“Transvestite Effects” turns its attention more firmly to popular culture. Chapters nine and eleven stand out in this section. “Religions Habits” (chapter 9) draws a connection between crossdressing and religion. This is an interesting section on the perceived effeminacy of the Jew in various places and periods, as well as the relationship, often quite complicated, between the construction of the Jew and the construction of the male homosexual. “Black and White TV: Crossdressing the Color Line” (chapter 11) discusses the question of race and the related subjects of minstrelsy and passing. This is an important and insightful chapter. Garber asserts that “the overdetermined presence of crossdressing in so many Western configurations of black culture suggests some useful ways to interrogate notions of ‘stereotype’ and ‘cliché’” (268). With attention to these stereotypes, Garber artfully and intelligently delineates the ways in which “the use of elements of transvestism by black performers and artists as a strategy for economic, political and cultural achievement … marks the translation of a mode of oppression and stigmatization into a supple medium for social commentary and aesthetic power” (303).
Despite the many strengths of this book, there were two things about it that I found troublesome. The first is that Garber does not pay enough attention to women in drag. Her only extended discussion of how women fit into the analysis is in the chapter “Fetish Envy,” the briefest chapter of the book. Part of what Garber does here is use Madonna to explore the possibility of simultaneously having and not having a penis. Her conclusion: playing with these positions can be an empowering gesture. And certainly Garber is right to observe that when Madonna squeezes her crotch on stage it is funny and offensive precisely because it plays on the joke of having and not having – it mocks the Freudian desire for what is not there. But since this sort of female fetishism plays only a contributing role in Garber’s book, serving to extend or elaborate her theorizations of male transvestitism, the discussion of Madonna’s cultural role, and of female drag in general, is closed down all too quickly. Garber, it seems to me, is too willing to leave women on the margins of transvestite theory. And the result is that she has missed an opportunity to explore the sort of cultural terrain I began with – the staging of “femininity” by women whose threatening “masculinity” requires that they in effect perform in drag. Of course Garber had to place some kinds of limits on her research. But it is a decided weakness that her book has so little to say about women in drag, and that when it broaches the issue at all it is only to situate women in relation to the fetish, positioning them once again as the troubled objects of fetishism.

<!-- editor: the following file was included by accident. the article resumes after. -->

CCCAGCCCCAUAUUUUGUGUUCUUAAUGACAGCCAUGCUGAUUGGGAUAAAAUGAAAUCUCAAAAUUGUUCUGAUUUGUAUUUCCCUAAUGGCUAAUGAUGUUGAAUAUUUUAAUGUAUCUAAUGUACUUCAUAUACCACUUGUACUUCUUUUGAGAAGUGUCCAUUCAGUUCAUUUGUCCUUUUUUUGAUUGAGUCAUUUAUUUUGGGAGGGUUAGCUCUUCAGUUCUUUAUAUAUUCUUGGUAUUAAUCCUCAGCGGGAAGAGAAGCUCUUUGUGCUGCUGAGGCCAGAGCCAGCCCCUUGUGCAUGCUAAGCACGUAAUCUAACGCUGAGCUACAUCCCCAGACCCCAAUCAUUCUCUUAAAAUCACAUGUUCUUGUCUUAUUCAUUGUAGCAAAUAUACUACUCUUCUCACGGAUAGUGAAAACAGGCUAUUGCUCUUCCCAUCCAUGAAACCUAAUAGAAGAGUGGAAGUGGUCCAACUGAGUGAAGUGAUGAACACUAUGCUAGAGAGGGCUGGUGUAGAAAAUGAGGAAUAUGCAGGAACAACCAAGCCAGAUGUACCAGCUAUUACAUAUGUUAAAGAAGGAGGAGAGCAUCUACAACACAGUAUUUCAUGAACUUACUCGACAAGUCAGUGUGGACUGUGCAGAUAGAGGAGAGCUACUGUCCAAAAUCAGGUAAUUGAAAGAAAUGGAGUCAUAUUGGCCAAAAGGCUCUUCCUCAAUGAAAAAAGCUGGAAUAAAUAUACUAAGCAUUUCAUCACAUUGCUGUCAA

The second trouble spot was pointed out to me by a friend and grows out of what we see as a dangerous trajectory initiated by Garber’s sixth chapter. In a recent article, Eve Sedgwick remarks that “gender theory at this moment is talking incessantly about crossdressing ‘in order’ never to have to talk about homosexuality.” Crossdressing has been used to allude to gay male culture by an operation similar to the “open secret” of homosexuality: “everyone already knows” that crossdressing and male homosexuality are intimately connected, so the fact of homosexuality can both be avoided and commented on through a discourse on transvestism. Sedgwick sees crossdressing as a kind of veil or displacement, and the proliferating academic literature on crossdressing as a discursive closet. I find Sedgwick’s position very persuasive. I also believe that if we are searching for a theory of crossdressing as a truly effective transgressive practice, one of the most fruitful sites to examine would be the intersection of crossdressing and gay political action. Clearly, this in itself would not solve the problem of academic or cultural displacement, but I find it troubling that Garber does not even look to these political spaces.
On March 31, 1993 Anji Xtravaganza died in New York from an AIDS-related liver disease. Anji was one of the queens featured in Jennie Livingston’s documentary Paris is Burning. On April 19, 1993, the New York Times ran an article both on Anji Xtravaganza and the New York drag world. Entitled “Film, Fame, Then Fade-Out: The Drag World in Collapse,” the article reports that numerous deaths have decimated the New York drag community. Simultaneously, the writer notes that drag has arrived in prime time; with the appearance of Dame Edna Everage on TV and Ru Paul on magazine covers, nobody need seek out the New York vogue houses. Middle-class Americans can watch drag performances from the comfort of their own living rooms. This would seem to indicate that Garber’s assertions about transvestite culture are true: there is nothing without the transvestite, the figure who confounds our sense of identity while at the same time constructing who we are. Describing the last days of Anji Xtravaganza, Jesse Green writes that the liver disease was “destroying [Anji’s] hard won femininity.” Green reports that near the end Anji had to stop taking the hormones which were inadvertently helping the progress of the disease. Green notes, “In later pictures you can see the masculine lines of Angie’s [sic] face re-emerging despite the make-up.” For Green, there must always be something else behind the make-up which disease(s) can devastatingly reveal – there is inevitably a re-emergence of what Green reads as “true” identity. It is the strength of Garber’s book to make us aware of just how spurious this underlying or final truth really is – to show us that there is always something else behind the something else behind the make-up. What is always still underneath, and can never fully be revealed, is Anji’s most complex layer; neither a “true” nor a “made-up” identity, but a third term, that which both defies and defines Anji’s “masculinity” and “feminity.”
In Vested Interests Marjorie Garber has managed to traverse the spaces of this third term – some of the most difficult terrain in contemporary gender studies – with the style and grace of Sheryl Swoops leading a fast break, or Anji Xtravaganza sashaying down a runway. It’s a performance not to be missed.